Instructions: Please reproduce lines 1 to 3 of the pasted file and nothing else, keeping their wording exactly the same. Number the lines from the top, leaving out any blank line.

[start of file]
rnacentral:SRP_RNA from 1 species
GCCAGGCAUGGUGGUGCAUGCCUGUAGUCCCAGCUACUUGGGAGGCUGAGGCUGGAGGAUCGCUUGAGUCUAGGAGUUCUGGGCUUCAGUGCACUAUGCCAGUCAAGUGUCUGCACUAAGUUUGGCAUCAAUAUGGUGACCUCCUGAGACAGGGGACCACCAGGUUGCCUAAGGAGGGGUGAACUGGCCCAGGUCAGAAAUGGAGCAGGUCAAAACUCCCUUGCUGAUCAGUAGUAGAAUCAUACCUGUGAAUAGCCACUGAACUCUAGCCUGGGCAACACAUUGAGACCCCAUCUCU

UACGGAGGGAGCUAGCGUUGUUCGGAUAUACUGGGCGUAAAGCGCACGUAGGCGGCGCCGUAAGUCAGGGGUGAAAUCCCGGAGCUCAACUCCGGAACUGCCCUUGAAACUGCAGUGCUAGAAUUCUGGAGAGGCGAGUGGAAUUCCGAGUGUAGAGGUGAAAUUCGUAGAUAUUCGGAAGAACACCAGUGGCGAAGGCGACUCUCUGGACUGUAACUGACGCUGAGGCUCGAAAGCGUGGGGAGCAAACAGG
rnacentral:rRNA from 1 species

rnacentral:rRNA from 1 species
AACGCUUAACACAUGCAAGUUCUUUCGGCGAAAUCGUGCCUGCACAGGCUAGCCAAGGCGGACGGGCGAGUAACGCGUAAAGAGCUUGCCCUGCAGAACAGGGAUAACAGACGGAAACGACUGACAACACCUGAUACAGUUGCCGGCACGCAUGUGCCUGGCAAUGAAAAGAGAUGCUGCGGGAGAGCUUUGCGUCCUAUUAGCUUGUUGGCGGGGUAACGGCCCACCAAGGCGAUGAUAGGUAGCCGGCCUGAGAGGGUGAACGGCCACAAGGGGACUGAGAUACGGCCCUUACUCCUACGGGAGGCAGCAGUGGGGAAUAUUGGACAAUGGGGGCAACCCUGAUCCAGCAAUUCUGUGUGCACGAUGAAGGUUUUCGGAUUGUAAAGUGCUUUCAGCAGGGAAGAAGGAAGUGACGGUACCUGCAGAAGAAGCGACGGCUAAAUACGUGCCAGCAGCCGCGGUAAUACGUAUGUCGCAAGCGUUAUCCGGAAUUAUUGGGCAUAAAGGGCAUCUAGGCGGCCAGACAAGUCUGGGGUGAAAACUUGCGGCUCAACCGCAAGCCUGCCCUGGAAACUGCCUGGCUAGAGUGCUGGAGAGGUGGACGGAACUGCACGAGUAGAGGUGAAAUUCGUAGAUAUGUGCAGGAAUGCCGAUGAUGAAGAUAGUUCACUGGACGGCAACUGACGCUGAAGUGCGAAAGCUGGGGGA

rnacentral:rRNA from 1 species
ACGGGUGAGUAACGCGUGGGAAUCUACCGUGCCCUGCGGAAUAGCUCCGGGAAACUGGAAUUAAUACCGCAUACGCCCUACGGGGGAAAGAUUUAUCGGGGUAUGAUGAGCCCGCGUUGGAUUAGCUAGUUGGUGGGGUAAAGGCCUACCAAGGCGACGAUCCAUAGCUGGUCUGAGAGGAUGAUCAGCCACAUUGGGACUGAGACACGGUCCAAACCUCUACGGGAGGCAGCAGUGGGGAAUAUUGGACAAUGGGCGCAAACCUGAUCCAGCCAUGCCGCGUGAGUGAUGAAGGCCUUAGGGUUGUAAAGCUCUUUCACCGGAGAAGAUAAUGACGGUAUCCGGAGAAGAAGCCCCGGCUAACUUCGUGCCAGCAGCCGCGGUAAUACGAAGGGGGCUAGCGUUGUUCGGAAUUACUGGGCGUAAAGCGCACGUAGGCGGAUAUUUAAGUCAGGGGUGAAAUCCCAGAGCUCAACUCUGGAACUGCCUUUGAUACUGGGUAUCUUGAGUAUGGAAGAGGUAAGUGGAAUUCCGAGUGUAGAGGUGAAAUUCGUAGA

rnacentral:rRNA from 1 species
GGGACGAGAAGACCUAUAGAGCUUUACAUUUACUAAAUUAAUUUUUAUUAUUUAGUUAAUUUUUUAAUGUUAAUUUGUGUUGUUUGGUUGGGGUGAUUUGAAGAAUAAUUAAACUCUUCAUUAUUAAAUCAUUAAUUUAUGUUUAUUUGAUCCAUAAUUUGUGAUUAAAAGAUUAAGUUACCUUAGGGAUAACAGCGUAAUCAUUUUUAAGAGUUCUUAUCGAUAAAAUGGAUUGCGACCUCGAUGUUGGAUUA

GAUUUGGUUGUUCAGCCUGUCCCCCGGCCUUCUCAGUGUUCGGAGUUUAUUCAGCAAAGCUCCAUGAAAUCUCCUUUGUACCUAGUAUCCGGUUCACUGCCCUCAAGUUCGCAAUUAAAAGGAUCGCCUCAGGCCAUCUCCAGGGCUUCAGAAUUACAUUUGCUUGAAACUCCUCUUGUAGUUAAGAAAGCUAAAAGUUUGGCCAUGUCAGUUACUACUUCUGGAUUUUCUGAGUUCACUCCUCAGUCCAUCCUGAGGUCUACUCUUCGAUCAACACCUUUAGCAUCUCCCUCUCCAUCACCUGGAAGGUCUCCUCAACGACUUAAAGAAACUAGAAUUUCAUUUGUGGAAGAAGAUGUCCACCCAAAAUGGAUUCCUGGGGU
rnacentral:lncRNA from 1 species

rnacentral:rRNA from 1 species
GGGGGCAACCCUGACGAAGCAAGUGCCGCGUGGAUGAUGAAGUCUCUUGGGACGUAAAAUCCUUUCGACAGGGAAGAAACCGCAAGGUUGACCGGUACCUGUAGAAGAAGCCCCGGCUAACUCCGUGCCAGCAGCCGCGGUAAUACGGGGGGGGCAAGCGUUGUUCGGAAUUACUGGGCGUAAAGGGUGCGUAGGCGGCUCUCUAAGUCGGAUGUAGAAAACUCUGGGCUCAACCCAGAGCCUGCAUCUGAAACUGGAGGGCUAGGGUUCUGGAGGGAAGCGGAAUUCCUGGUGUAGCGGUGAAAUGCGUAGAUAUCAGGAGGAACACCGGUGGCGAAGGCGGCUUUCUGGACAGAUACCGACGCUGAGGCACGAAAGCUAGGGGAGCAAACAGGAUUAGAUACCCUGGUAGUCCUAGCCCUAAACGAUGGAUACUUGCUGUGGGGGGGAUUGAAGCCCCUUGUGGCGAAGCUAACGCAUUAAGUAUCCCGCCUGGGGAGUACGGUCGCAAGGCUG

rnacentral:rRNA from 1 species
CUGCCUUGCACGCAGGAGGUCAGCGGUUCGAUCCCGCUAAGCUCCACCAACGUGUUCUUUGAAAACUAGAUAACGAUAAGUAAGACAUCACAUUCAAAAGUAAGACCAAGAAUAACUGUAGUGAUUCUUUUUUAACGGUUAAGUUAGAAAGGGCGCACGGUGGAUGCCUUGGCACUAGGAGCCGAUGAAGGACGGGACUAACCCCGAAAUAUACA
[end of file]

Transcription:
rnacentral:SRP_RNA from 1 species
GCCAGGCAUGGUGGUGCAUGCCUGUAGUCCCAGCUACUUGGGAGGCUGAGGCUGGAGGAUCGCUUGAGUCUAGGAGUUCUGGGCUUCAGUGCACUAUGCCAGUCAAGUGUCUGCACUAAGUUUGGCAUCAAUAUGGUGACCUCCUGAGACAGGGGACCACCAGGUUGCCUAAGGAGGGGUGAACUGGCCCAGGUCAGAAAUGGAGCAGGUCAAAACUCCCUUGCUGAUCAGUAGUAGAAUCAUACCUGUGAAUAGCCACUGAACUCUAGCCUGGGCAACACAUUGAGACCCCAUCUCU

UACGGAGGGAGCUAGCGUUGUUCGGAUAUACUGGGCGUAAAGCGCACGUAGGCGGCGCCGUAAGUCAGGGGUGAAAUCCCGGAGCUCAACUCCGGAACUGCCCUUGAAACUGCAGUGCUAGAAUUCUGGAGAGGCGAGUGGAAUUCCGAGUGUAGAGGUGAAAUUCGUAGAUAUUCGGAAGAACACCAGUGGCGAAGGCGACUCUCUGGACUGUAACUGACGCUGAGGCUCGAAAGCGUGGGGAGCAAACAGG